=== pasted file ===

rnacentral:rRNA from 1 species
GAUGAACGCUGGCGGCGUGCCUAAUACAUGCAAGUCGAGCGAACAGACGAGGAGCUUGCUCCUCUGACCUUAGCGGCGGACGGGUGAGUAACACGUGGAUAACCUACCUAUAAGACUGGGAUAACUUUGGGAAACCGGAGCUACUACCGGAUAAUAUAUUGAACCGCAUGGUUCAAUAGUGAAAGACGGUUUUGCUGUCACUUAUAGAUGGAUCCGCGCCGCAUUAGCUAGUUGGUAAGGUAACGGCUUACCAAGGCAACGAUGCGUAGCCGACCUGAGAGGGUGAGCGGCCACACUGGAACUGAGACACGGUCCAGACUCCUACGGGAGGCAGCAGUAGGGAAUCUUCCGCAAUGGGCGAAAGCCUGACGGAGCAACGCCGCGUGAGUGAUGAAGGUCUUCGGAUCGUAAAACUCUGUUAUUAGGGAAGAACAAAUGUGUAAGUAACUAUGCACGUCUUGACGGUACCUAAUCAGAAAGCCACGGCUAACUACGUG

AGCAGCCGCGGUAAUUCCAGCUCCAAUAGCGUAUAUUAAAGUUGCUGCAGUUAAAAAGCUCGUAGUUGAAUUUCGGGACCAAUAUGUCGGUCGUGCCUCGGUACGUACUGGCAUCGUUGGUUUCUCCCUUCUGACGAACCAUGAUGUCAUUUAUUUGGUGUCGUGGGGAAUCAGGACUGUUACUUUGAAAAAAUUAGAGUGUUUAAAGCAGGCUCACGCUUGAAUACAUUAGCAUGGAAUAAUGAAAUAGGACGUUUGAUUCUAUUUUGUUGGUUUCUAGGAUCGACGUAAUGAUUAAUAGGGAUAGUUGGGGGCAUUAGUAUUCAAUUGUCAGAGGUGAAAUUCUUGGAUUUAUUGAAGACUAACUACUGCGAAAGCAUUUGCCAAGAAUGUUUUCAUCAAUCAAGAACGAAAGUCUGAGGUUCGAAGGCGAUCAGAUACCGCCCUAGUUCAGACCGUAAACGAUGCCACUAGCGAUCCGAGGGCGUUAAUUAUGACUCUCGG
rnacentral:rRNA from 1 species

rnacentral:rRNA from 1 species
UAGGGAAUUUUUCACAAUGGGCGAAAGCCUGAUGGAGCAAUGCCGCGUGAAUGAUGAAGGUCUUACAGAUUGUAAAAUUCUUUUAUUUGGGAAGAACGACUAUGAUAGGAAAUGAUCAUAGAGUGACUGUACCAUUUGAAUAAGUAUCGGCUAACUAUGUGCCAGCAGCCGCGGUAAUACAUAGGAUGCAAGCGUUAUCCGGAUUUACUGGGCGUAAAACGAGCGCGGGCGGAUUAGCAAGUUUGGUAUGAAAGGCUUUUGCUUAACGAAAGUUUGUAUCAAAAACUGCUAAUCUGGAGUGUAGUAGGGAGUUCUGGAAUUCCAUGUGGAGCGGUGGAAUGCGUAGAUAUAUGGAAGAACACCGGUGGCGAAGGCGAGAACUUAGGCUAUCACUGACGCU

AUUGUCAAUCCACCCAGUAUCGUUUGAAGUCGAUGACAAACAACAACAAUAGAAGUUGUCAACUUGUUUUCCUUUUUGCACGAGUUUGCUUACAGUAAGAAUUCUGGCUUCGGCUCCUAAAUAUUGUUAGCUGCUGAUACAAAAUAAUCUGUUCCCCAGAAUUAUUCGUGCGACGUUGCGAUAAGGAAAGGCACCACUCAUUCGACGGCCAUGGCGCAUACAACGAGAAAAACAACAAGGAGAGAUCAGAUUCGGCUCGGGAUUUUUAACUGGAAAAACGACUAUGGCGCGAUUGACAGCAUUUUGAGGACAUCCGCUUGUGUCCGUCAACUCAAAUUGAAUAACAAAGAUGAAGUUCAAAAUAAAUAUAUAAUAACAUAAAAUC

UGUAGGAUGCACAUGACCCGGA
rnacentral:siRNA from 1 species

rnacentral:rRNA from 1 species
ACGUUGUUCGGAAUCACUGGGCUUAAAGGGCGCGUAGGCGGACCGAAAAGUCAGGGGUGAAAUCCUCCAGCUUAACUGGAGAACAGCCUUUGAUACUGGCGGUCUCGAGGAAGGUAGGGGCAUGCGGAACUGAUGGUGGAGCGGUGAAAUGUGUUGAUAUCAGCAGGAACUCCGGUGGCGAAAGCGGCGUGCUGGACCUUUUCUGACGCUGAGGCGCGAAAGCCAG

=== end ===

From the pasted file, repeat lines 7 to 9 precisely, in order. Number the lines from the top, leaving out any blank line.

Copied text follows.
AUUGUCAAUCCACCCAGUAUCGUUUGAAGUCGAUGACAAACAACAACAAUAGAAGUUGUCAACUUGUUUUCCUUUUUGCACGAGUUUGCUUACAGUAAGAAUUCUGGCUUCGGCUCCUAAAUAUUGUUAGCUGCUGAUACAAAAUAAUCUGUUCCCCAGAAUUAUUCGUGCGACGUUGCGAUAAGGAAAGGCACCACUCAUUCGACGGCCAUGGCGCAUACAACGAGAAAAACAACAAGGAGAGAUCAGAUUCGGCUCGGGAUUUUUAACUGGAAAAACGACUAUGGCGCGAUUGACAGCAUUUUGAGGACAUCCGCUUGUGUCCGUCAACUCAAAUUGAAUAACAAAGAUGAAGUUCAAAAUAAAUAUAUAAUAACAUAAAAUC

UGUAGGAUGCACAUGACCCGGA
rnacentral:siRNA from 1 species